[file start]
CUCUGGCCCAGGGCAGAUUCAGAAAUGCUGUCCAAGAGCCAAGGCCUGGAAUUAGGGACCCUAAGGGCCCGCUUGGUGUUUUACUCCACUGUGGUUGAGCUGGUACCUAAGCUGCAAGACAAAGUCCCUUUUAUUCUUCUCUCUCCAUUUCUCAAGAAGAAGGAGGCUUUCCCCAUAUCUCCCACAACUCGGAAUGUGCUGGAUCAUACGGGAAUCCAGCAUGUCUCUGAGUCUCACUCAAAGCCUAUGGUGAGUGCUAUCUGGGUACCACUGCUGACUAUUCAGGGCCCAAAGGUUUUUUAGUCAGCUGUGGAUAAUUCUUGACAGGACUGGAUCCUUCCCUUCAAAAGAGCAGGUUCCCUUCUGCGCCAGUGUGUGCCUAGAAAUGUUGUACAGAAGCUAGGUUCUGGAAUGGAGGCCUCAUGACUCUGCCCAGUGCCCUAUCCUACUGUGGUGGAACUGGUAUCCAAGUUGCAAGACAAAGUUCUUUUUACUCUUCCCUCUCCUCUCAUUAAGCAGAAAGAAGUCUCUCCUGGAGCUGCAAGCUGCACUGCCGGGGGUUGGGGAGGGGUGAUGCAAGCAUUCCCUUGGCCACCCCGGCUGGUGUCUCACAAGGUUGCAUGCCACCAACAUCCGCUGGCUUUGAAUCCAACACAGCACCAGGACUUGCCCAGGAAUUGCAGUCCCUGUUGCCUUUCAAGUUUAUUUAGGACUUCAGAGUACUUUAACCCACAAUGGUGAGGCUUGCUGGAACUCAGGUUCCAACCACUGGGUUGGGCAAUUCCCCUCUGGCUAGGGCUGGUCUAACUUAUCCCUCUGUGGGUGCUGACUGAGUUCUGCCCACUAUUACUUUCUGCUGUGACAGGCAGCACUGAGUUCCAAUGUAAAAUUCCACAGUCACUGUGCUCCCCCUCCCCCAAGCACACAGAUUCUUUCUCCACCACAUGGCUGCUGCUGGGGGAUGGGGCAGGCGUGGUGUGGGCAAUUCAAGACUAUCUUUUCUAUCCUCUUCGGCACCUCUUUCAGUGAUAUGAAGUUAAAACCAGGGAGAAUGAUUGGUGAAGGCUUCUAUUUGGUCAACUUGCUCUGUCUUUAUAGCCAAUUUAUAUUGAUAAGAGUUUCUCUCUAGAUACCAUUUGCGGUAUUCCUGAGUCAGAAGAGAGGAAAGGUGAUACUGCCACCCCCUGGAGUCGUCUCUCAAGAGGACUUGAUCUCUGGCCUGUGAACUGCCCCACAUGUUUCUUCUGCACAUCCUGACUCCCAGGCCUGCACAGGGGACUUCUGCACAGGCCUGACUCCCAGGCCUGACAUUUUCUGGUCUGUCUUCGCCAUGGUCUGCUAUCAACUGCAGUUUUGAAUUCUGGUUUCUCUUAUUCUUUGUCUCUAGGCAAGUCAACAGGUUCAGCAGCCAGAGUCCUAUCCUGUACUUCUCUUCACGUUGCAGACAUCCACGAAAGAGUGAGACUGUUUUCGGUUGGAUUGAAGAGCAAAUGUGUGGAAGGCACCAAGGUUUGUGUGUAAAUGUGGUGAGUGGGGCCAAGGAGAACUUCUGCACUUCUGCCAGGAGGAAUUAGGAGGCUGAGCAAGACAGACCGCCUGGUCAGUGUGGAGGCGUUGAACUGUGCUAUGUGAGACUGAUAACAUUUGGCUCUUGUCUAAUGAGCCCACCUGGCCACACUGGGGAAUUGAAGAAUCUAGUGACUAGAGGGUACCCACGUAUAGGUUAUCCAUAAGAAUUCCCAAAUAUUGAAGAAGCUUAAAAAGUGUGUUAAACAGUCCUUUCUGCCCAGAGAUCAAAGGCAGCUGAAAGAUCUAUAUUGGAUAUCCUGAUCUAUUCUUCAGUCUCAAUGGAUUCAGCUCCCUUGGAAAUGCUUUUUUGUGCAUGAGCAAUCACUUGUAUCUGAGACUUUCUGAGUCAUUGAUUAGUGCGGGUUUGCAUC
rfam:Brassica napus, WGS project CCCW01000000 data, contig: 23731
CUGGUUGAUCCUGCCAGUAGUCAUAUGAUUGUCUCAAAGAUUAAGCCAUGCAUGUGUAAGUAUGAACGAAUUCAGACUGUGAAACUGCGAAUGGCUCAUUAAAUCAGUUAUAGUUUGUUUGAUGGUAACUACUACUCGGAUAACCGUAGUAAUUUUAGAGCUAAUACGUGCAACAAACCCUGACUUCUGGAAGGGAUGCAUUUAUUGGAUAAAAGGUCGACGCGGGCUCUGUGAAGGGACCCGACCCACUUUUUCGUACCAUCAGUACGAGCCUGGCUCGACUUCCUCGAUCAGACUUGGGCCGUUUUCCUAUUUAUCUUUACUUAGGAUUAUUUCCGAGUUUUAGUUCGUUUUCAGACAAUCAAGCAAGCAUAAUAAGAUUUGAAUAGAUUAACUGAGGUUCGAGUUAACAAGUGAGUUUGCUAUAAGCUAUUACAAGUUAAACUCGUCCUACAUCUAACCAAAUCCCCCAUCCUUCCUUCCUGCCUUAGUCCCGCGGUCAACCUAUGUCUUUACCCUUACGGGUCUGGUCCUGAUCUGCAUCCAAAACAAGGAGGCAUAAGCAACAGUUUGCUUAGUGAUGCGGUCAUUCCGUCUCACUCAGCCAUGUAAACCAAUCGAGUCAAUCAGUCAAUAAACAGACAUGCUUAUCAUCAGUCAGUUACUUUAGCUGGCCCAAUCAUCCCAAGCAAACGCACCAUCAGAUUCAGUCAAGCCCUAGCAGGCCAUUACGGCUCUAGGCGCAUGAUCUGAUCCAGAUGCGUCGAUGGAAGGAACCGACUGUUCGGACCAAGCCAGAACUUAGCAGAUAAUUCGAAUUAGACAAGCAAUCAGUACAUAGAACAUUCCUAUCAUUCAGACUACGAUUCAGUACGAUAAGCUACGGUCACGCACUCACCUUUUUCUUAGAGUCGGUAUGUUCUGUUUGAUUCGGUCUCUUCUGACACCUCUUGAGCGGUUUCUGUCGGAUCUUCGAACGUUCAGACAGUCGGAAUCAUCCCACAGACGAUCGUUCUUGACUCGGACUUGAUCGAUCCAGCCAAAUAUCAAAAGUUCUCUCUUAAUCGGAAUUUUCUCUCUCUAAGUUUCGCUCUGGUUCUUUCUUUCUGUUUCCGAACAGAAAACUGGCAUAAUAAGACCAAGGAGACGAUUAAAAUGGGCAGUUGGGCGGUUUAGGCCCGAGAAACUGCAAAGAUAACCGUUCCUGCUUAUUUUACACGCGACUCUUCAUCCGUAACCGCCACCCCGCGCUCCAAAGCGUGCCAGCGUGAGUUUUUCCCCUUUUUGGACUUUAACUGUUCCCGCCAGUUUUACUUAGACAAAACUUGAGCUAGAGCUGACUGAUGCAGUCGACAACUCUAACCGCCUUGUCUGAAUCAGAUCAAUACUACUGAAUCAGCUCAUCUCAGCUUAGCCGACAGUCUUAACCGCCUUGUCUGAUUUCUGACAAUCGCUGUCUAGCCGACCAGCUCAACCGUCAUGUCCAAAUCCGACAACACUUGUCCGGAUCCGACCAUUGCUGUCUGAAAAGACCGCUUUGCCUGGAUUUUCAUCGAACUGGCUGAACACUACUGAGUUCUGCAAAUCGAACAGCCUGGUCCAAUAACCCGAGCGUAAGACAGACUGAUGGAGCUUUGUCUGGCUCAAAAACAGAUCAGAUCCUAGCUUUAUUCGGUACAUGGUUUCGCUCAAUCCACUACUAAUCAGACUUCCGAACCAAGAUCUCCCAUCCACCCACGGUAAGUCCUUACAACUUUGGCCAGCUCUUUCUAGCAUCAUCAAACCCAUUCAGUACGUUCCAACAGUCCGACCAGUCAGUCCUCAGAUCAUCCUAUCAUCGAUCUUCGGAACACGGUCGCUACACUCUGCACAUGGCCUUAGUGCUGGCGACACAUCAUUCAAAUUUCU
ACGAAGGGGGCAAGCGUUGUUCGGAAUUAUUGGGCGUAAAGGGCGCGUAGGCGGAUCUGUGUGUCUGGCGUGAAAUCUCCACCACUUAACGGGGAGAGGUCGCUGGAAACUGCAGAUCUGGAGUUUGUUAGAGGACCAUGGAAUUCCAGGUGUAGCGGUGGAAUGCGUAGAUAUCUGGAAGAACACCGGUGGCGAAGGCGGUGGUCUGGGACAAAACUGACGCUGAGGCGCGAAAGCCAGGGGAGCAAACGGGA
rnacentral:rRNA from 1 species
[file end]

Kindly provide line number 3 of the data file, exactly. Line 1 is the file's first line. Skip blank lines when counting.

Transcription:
CUGGUUGAUCCUGCCAGUAGUCAUAUGAUUGUCUCAAAGAUUAAGCCAUGCAUGUGUAAGUAUGAACGAAUUCAGACUGUGAAACUGCGAAUGGCUCAUUAAAUCAGUUAUAGUUUGUUUGAUGGUAACUACUACUCGGAUAACCGUAGUAAUUUUAGAGCUAAUACGUGCAACAAACCCUGACUUCUGGAAGGGAUGCAUUUAUUGGAUAAAAGGUCGACGCGGGCUCUGUGAAGGGACCCGACCCACUUUUUCGUACCAUCAGUACGAGCCUGGCUCGACUUCCUCGAUCAGACUUGGGCCGUUUUCCUAUUUAUCUUUACUUAGGAUUAUUUCCGAGUUUUAGUUCGUUUUCAGACAAUCAAGCAAGCAUAAUAAGAUUUGAAUAGAUUAACUGAGGUUCGAGUUAACAAGUGAGUUUGCUAUAAGCUAUUACAAGUUAAACUCGUCCUACAUCUAACCAAAUCCCCCAUCCUUCCUUCCUGCCUUAGUCCCGCGGUCAACCUAUGUCUUUACCCUUACGGGUCUGGUCCUGAUCUGCAUCCAAAACAAGGAGGCAUAAGCAACAGUUUGCUUAGUGAUGCGGUCAUUCCGUCUCACUCAGCCAUGUAAACCAAUCGAGUCAAUCAGUCAAUAAACAGACAUGCUUAUCAUCAGUCAGUUACUUUAGCUGGCCCAAUCAUCCCAAGCAAACGCACCAUCAGAUUCAGUCAAGCCCUAGCAGGCCAUUACGGCUCUAGGCGCAUGAUCUGAUCCAGAUGCGUCGAUGGAAGGAACCGACUGUUCGGACCAAGCCAGAACUUAGCAGAUAAUUCGAAUUAGACAAGCAAUCAGUACAUAGAACAUUCCUAUCAUUCAGACUACGAUUCAGUACGAUAAGCUACGGUCACGCACUCACCUUUUUCUUAGAGUCGGUAUGUUCUGUUUGAUUCGGUCUCUUCUGACACCUCUUGAGCGGUUUCUGUCGGAUCUUCGAACGUUCAGACAGUCGGAAUCAUCCCACAGACGAUCGUUCUUGACUCGGACUUGAUCGAUCCAGCCAAAUAUCAAAAGUUCUCUCUUAAUCGGAAUUUUCUCUCUCUAAGUUUCGCUCUGGUUCUUUCUUUCUGUUUCCGAACAGAAAACUGGCAUAAUAAGACCAAGGAGACGAUUAAAAUGGGCAGUUGGGCGGUUUAGGCCCGAGAAACUGCAAAGAUAACCGUUCCUGCUUAUUUUACACGCGACUCUUCAUCCGUAACCGCCACCCCGCGCUCCAAAGCGUGCCAGCGUGAGUUUUUCCCCUUUUUGGACUUUAACUGUUCCCGCCAGUUUUACUUAGACAAAACUUGAGCUAGAGCUGACUGAUGCAGUCGACAACUCUAACCGCCUUGUCUGAAUCAGAUCAAUACUACUGAAUCAGCUCAUCUCAGCUUAGCCGACAGUCUUAACCGCCUUGUCUGAUUUCUGACAAUCGCUGUCUAGCCGACCAGCUCAACCGUCAUGUCCAAAUCCGACAACACUUGUCCGGAUCCGACCAUUGCUGUCUGAAAAGACCGCUUUGCCUGGAUUUUCAUCGAACUGGCUGAACACUACUGAGUUCUGCAAAUCGAACAGCCUGGUCCAAUAACCCGAGCGUAAGACAGACUGAUGGAGCUUUGUCUGGCUCAAAAACAGAUCAGAUCCUAGCUUUAUUCGGUACAUGGUUUCGCUCAAUCCACUACUAAUCAGACUUCCGAACCAAGAUCUCCCAUCCACCCACGGUAAGUCCUUACAACUUUGGCCAGCUCUUUCUAGCAUCAUCAAACCCAUUCAGUACGUUCCAACAGUCCGACCAGUCAGUCCUCAGAUCAUCCUAUCAUCGAUCUUCGGAACACGGUCGCUACACUCUGCACAUGGCCUUAGUGCUGGCGACACAUCAUUCAAAUUUCU